What is Cholesterol and How You Can Lower Your Risk


September is National Cholesterol Month. Do you know what cholesterol is? Well, it’s a waxy substance that is found in many of the foods that we eat. It is also found in our body’s cells. If there is too much of it in the body, it builds up. This will eventually lead to a stroke or heart disease. Some cholesterol is actually needed in the body. Cholesterol is used to make hormones and vitamin D and it also plays a role in digestion.

There are three types of cholesterol. HDL (high-density lipoprotein), is often known as the good cholesterol. This one helps remove excess cholesterol from your body. You want this number to be high. LDL (low-density lipoprotein), is considered the bad cholesterol. This one can lead to the buildup of the plaque in your arteries. This number should be low. VLDL (very low-density lipoprotein), also leads to the buildup in the arteries.

There are many risk factors that can increase your chances of having high cholesterol. They include genetics, age, certain medicines, weight, diet, lack of activity, and smoking. If your cholesterol is high, you may need to take a cholesterol-lowering drug and change your lifestyle. If you need help with making these changes, book a call with me and I would be happy to help you with your lifestyle goals.


  • Increase your fiber intake. Dietary fiber is found in fruits, veggies, beans, lentils, and whole grains. Getting adequate amounts of fiber from a variety of foods is important for everyone, not just those with high cholesterol. Remember, when you increase your fiber intake, you also need to increase your water intake. Otherwise, you may have constipation issues. So, if you aren’t used to eating very much fiber, gradually increase it each day. Check out my post about water intake here.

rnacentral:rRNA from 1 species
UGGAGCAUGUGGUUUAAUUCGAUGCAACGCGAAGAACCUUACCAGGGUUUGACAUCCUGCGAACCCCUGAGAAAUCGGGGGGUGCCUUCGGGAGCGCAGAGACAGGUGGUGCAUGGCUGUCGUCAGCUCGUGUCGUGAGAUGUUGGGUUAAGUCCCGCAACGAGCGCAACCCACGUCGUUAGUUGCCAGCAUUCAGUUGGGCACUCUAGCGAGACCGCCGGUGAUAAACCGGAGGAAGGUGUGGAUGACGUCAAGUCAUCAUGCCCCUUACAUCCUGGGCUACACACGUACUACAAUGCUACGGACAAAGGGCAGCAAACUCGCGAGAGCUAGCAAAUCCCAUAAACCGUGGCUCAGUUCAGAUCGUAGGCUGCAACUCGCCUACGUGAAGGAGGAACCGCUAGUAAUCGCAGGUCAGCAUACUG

• Get plenty of whole grains. Barley, oats, and oat bran are great ways to get more fiber. When choose your bread, read the label. Find bread that says 100% whole grain or the ingredient list has whole grain listed as the first ingredient. Try to limit processed or refined carbohydrates like white bread or white rice.
  • Limit saturated fats in your diet. Saturated fats are mostly found in animal products like meat and dairy items. Higher intakes of saturated fats have been found to increase LDL cholesterol (the bad). Try using unsaturated fats whenever possible. They have been found to help decrease the LDL levels as well as the total cholesterol levels. Cook with vegetable oils such as olive, canola, or sunflower. Eat foods rich in omega-3 fatty acids such as salmon, avocado, or walnuts. Here’s a great way to make salmon using avocado! Yum!
  • Choose lean proteins. Choose cuts of meats that say “loin” or “round”. Remove the skin of the chicken. Choose healthy cooking techniques like broiling, baking, roasting, or stir-frying. Drain excess fat off of cooked ground meat. Avoid marbled meats or deep-fried foods since these are high in saturated fat.

Bottom Line

By eating a well-rounded, healthy diet, your cholesterol levels can get better. Concentrate on a high fiber diet with lots of veggies, lean protein and whole grains and you are doing your body a world of good! If you need more assistance in lowering your numbers or you just want to get healthy, book a call with me to see if my services are good for you! If you already know you want my help, book an appointment!

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